A senior social worker involved in staffing the helpline to cope
with calls from people distressed by the murder of schoolgirls
Jessica Chapman and Holly Wells has spoken of the commitment of
colleagues offering their services voluntarily, writes
Jackie Day, one of four social services managers working shifts
on the helpline, said many staff had wanted to help, and “there had
been no problems covering the shifts”.
She added that the deaths of the 10-year-olds, whose bodies were
discovered by ramblers two weeks after they disappeared, had been
“very touching, dramatic and deeply sad”.
Those taking turns to do a three-hour stint on the helpline were
dealing with a range of calls from people who were “very distressed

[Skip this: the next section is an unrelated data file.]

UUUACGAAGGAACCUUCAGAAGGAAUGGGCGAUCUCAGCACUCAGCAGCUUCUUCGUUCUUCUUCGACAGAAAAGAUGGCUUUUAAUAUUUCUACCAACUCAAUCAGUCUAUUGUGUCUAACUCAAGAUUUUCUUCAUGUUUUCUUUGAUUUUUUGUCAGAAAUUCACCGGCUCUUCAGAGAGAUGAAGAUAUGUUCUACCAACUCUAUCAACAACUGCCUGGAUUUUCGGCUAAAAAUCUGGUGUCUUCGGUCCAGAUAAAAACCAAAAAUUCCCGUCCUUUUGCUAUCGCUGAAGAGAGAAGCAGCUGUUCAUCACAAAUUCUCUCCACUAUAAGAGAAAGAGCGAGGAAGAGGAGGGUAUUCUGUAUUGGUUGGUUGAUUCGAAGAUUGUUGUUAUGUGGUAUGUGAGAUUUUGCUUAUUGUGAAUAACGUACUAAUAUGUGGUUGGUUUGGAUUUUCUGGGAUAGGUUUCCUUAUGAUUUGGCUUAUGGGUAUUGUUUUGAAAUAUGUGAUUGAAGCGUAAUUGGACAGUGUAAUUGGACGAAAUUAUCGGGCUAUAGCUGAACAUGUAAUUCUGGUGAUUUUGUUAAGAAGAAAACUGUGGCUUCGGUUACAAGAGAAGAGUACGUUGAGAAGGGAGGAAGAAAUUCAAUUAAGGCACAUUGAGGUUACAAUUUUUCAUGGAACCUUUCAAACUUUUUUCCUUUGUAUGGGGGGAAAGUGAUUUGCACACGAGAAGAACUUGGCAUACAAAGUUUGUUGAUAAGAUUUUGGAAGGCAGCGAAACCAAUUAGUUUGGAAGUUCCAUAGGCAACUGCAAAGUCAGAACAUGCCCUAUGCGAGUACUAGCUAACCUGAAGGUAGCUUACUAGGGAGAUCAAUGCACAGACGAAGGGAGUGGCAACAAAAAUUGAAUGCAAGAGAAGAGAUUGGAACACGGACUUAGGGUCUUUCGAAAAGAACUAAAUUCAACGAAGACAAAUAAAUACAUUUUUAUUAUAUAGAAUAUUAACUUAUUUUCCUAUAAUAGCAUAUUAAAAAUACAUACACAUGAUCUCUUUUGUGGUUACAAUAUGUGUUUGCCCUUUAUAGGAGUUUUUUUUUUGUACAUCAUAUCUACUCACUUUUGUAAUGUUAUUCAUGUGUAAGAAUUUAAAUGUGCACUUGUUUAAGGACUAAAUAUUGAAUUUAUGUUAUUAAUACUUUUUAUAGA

and needed counselling” to people who wanted to express their
condolences to the girls’ families.
The service, which is offered from 8.30am to 8pm, was set up by
the social services emergency duty team the day after the girls
were found. Day said: “We are having a briefing session before each
shift starts and a debrief after to understand how people are
feeling and what other help we might need to offer. We were very
busy on the first day and the calls tend to come in waves.”
“We have been speaking to our colleagues in education, and there
are plans to provide direct counselling for children once they go
back to school, ” she added.
Michael Leadbetter, president of the Association of Directors of
Social Services, said: “Staff in Cambridgeshire cannot be praised
highly enough for the sensitive and low-key way in which they have
helped their community, and colleagues from other departments,
following the devastating tragedy in Soham.”
He added that “we should all be grateful for their presence and
support to local people in what is and will be a harrowing episode
in our national life”.